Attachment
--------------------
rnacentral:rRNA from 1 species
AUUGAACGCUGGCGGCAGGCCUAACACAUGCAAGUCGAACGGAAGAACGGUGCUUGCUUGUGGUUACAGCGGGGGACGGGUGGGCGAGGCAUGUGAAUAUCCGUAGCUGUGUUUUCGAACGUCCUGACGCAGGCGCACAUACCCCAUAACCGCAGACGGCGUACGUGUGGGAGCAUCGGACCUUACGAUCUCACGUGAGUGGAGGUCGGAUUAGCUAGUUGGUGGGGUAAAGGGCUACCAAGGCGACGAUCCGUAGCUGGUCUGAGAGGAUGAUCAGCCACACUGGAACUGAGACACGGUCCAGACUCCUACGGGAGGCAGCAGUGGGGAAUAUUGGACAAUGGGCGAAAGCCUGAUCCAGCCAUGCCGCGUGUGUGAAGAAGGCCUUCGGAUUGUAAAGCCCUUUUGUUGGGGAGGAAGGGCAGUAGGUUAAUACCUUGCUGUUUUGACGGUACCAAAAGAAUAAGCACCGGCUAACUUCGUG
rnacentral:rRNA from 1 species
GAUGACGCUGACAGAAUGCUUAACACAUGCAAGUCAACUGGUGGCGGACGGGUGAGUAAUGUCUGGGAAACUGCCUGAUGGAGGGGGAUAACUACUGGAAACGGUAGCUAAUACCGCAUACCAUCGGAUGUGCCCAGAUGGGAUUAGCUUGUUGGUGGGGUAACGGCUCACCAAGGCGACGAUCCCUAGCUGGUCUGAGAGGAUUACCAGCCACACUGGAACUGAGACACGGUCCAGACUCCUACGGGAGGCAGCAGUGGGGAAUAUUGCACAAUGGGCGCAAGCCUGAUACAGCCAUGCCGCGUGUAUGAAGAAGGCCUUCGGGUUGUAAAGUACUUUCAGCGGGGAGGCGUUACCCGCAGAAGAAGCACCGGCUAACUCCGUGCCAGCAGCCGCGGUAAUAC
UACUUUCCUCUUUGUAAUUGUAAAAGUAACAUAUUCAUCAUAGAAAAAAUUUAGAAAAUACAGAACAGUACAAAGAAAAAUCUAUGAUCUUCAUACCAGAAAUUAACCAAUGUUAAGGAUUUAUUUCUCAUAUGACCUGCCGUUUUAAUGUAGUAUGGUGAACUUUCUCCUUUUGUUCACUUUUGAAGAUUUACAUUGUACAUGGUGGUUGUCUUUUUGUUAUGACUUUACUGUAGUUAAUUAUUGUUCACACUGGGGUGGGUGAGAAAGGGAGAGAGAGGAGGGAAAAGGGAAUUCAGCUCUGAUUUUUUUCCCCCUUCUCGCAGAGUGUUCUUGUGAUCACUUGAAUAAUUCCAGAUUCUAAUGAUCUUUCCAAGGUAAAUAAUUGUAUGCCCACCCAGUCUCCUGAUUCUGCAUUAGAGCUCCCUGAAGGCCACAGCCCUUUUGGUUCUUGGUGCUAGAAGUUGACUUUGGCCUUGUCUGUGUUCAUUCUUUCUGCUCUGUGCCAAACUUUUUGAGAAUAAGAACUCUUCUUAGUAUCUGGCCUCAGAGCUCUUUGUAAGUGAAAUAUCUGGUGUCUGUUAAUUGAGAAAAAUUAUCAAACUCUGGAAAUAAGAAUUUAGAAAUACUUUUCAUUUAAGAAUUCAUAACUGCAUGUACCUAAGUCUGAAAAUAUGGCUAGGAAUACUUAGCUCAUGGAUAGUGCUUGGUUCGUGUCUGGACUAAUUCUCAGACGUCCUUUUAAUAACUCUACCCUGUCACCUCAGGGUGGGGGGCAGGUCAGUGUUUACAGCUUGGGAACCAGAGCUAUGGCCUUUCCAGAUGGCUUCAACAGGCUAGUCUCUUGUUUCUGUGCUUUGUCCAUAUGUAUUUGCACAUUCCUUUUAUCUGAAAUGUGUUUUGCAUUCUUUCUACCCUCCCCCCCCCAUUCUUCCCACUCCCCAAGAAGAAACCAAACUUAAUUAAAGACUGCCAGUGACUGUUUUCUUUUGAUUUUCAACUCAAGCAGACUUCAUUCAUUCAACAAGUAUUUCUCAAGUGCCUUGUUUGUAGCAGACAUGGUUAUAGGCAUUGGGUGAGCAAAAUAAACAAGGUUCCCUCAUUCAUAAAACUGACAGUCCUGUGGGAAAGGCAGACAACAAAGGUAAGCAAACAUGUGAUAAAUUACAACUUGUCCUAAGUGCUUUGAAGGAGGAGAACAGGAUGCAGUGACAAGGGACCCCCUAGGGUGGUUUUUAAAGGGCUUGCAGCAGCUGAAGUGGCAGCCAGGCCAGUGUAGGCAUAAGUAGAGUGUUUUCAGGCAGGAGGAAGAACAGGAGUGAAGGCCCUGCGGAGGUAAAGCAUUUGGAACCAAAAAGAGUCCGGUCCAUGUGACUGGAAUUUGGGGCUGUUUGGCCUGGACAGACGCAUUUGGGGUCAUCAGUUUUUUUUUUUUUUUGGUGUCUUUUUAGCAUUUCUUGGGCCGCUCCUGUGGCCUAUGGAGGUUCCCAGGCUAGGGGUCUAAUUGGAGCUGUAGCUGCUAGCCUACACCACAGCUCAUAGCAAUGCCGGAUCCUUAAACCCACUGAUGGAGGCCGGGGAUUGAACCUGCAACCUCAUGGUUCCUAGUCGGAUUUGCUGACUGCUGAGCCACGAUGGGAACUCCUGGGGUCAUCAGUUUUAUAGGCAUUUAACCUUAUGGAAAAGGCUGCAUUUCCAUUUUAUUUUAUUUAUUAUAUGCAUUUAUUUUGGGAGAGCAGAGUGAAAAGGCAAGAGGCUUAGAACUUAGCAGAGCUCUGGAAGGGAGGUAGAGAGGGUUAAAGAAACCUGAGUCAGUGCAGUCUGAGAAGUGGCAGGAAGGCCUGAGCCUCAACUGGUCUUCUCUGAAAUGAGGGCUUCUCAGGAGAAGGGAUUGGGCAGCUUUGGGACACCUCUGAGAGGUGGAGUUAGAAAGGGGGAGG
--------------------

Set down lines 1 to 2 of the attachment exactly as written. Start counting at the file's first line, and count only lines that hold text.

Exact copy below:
rnacentral:rRNA from 1 species
AUUGAACGCUGGCGGCAGGCCUAACACAUGCAAGUCGAACGGAAGAACGGUGCUUGCUUGUGGUUACAGCGGGGGACGGGUGGGCGAGGCAUGUGAAUAUCCGUAGCUGUGUUUUCGAACGUCCUGACGCAGGCGCACAUACCCCAUAACCGCAGACGGCGUACGUGUGGGAGCAUCGGACCUUACGAUCUCACGUGAGUGGAGGUCGGAUUAGCUAGUUGGUGGGGUAAAGGGCUACCAAGGCGACGAUCCGUAGCUGGUCUGAGAGGAUGAUCAGCCACACUGGAACUGAGACACGGUCCAGACUCCUACGGGAGGCAGCAGUGGGGAAUAUUGGACAAUGGGCGAAAGCCUGAUCCAGCCAUGCCGCGUGUGUGAAGAAGGCCUUCGGAUUGUAAAGCCCUUUUGUUGGGGAGGAAGGGCAGUAGGUUAAUACCUUGCUGUUUUGACGGUACCAAAAGAAUAAGCACCGGCUAACUUCGUG